It’s All About the Food: Pumpkin and Winter Squash

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by Chris Ellis, Staff Nutritionist

As the leaves begin to change and nights grow chilly, it’s hard not to think about the harvesting of glorious pumpkins and winter squash. We are now entering the season of these nutritious and delicious gourd vegetables! Pumpkins and winter squash are members of the same family, the cucurbits. The word pumpkin is derived from the word “pepon” in the Greek language, which is the word for “large melon,” and as we all know, pumpkins are round and can be very large, like certain kinds of melon. The word was modified by the French to “pompon” and then was changed to “pumpion”
by the British and later referred to as pumpkin by American colonists. Neither of these members of the cucurbit family are grown or harvested in the winter; many of them can be stored over a few winter months, and only under the right conditions.

Both winter squash and pumpkins played an important role in our diet in this country long before Europeans arrived. They were a mainstay of Native Americans through the harsh winters when food was scarce. Native Americans buried their dead with winter squash to provide them with nourishment on their final journey. Winter squash and pumpkin originally developed back in the South and Central American area 9,000 to 10,000 years ago. Initially they were cultivated specifically for their seeds since the earliest varieties had little flesh, which was bitter anyway. Later with cultivation, squash and pumpkin varieties expanded significantly, and to this day many more are available. They have a rich texture and provide much sweeter flesh. Some of the most common varieties of winter squash found locally are butternut, Hubbard, acorn, delicata, sweet dumpling, spaghetti, turban, and kabocha. Pumpkins also come in many varieties these days, with a couple favorites being Fairytale, Cinderella, and Sugar Pie. Each squash and pumpkin has its own specific flavor, shape, and texture. In regard to nutrient content, they are very rich sources of vitamin A—pumpkin actually surpasses many other varieties of winter squash in their vitamin A content. They also contain a whopping amount of the antioxidants called carotenoids including alpha-carotene, beta-carotene, beta-cryptoxanthin, lutein, and zeaxanthin.  Both members of this family also contribute a good supply of potassium, manganese, and fiber, as well as some B-vitamins and vitamin C.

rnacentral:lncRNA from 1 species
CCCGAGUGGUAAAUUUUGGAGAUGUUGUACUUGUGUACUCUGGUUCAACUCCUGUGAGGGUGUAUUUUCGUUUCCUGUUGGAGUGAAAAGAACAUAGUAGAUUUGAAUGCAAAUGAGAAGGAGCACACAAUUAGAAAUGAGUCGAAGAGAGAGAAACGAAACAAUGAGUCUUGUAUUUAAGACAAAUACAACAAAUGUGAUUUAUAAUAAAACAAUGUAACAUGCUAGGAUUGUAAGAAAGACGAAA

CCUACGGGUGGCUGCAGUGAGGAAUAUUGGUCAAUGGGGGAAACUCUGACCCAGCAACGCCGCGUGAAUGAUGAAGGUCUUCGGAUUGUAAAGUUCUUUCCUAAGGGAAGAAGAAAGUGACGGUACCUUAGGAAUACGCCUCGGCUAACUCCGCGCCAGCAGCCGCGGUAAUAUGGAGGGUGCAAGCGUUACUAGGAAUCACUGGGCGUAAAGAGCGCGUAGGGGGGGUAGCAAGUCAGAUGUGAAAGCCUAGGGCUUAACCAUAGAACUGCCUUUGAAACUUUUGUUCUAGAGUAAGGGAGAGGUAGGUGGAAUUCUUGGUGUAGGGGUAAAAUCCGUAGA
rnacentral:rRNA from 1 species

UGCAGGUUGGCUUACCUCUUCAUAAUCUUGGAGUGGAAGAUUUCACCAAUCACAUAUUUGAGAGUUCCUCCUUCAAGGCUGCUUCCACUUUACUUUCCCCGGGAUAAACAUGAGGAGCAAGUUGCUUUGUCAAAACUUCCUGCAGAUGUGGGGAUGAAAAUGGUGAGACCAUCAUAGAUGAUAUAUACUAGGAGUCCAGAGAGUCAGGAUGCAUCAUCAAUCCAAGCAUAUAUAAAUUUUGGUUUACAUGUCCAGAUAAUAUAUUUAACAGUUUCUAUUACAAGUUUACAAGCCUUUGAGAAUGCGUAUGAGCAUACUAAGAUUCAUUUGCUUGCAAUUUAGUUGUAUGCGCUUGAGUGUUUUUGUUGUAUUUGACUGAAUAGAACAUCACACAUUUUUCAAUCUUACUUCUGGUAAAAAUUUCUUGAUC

This multitude of nutrients provide cucurbits with many health-enhancing properties for the body, including anti-cancer, eye, skin, and cardiac benefits. They also give a boost to the immune system, a key system to support as cold weather approaches.

When purchasing winter squash or pumpkins, choose ones that are firm, without any soft spots unless you plan to prepare it within a few days. If you have a large supply from the garden, store them in a cool dry place away from the light with an average temperature of 50 degrees. Harder squash such as butternut will hold for longer periods of time (often 6 to 8 months). Softer squash such as delicata or spaghetti generally stores well for only a few months. Sugar pie pumpkins can be kept in a cool dry place usually through the end of November and perhaps through December, but other varieties of pumpkins will last longer so check them out with your local farmers. Pumpkins can be cooked and frozen for later use in baked goods, soups, and pies. Let us not forget the seeds of many squash and pumpkins that can be roasted and consumed. Pumpkin seeds especially are a delicious treat! They can be removed from the pumpkin and cleaned, then toasted with a small amount of oil and salt, if desired, in a slow oven, (250°F. to 300°F.), for about 10 to 20 minutes. If they turn dark they will become bitter so be careful to not let them toast for too long and to stir them while they are baking. Pumpkin seeds are a good source of essential fatty acids as well as protein. Additional foods that can be prepared with squash and pumpkin are smoothies, lasagna, yeast breads, and a favorite Vermont specialty: pancakes, with our own maple syrup. Also, enjoy peeled and cubed winter squash roasted with other root vegetables in a slow oven for about an hour until tender. Bake squash such as kabocha, Hubbard, acorn, and sweet dumpling in a slow oven for about 45 minutes or until tender and serve drizzled with a little local honey or maple syrup. Don’t forget to enjoy spaghetti squash, which after being cooked can be removed from the shell using a fork, producing spaghetti-like strands.

Don’t miss out on the rich nutrients and delicious taste of these benevolent versatile cold weather cucurbits this fall.

Be sure to try our Curried Pumpkin Soup!